Ukraine Needs More Weapons—Now

One of the silver linings of the very large dark cloud of Vladimir Putin’s invasion of Ukraine is the clarity it provides. This is, broadly speaking a contest between good guys and bad guys.

A lot of people who fancy themselves foreign policy realists roll their eyes at talk about “good guys” versus “bad guys.” The world is made up of nation-states with interests and those states act rationally on their interests. Good and bad ain’t got nothing to do with it.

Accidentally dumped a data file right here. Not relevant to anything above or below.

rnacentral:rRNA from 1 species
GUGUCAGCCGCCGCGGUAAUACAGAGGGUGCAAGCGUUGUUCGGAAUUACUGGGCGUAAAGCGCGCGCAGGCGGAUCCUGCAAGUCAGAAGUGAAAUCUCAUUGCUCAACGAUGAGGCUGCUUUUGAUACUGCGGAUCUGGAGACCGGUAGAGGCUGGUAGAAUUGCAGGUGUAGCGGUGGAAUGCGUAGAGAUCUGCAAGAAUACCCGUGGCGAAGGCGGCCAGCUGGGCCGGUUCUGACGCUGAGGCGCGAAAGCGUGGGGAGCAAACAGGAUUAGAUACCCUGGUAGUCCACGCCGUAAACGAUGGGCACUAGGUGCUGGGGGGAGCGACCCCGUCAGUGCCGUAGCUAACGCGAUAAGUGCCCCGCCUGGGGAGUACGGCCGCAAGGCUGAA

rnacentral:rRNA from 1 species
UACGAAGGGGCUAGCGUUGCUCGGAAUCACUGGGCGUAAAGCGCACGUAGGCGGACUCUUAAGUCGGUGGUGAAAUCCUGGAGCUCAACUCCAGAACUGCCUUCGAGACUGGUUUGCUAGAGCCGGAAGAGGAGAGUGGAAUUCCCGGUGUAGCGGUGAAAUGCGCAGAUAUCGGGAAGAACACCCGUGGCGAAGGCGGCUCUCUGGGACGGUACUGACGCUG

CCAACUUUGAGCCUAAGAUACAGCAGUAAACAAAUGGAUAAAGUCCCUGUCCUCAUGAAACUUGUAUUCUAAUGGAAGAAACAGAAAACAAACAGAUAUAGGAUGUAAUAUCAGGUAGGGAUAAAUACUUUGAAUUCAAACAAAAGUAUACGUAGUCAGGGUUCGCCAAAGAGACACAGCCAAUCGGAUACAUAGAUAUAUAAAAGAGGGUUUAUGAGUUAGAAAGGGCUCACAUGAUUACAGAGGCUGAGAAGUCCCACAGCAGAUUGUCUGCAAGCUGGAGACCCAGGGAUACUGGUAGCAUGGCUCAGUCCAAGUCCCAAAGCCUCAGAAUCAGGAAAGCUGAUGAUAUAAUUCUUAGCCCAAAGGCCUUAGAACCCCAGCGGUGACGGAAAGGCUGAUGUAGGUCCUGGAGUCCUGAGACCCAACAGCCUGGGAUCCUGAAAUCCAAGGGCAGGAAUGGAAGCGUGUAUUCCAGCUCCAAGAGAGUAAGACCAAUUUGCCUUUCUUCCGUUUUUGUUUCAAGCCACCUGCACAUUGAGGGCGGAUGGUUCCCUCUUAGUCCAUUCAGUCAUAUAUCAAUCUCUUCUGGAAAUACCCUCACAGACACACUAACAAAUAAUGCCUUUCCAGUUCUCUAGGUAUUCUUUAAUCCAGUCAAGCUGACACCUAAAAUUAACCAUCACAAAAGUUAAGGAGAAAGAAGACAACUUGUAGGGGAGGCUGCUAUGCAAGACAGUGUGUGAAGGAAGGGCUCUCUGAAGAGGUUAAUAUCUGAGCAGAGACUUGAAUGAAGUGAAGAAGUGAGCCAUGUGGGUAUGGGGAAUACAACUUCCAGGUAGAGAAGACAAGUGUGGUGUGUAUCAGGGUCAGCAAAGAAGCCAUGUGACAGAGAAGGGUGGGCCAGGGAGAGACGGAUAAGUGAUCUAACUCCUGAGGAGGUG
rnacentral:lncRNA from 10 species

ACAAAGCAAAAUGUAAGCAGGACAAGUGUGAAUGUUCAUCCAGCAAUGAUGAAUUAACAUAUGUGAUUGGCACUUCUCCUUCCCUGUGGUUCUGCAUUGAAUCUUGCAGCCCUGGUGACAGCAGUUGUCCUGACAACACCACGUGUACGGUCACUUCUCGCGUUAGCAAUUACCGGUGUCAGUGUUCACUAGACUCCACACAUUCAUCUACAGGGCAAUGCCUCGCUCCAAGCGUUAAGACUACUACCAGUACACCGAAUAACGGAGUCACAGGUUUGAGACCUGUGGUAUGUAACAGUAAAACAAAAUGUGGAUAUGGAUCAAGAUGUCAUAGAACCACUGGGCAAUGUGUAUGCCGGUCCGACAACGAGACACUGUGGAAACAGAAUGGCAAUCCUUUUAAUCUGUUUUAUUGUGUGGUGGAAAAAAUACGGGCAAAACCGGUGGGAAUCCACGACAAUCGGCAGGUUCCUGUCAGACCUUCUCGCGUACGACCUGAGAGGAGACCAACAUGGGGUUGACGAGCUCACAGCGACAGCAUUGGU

I’ve never bought this argument, on either analytical or moral terms.

Yes, nations have interests, but the way they define their interests is not always strictly rational. History is full of examples of nations committing vast resources to causes that are extra-rational. “The mistake of the ‘realists’ is not their interest in the struggle for power but their deliberate neglect of everything else, especially the non-scientific, contingent, very human feelings and beliefs that most powerfully move people,” the late, great Donald Kagan wrote in Honor Among Nations: Intangible Interests and Foreign Policy.

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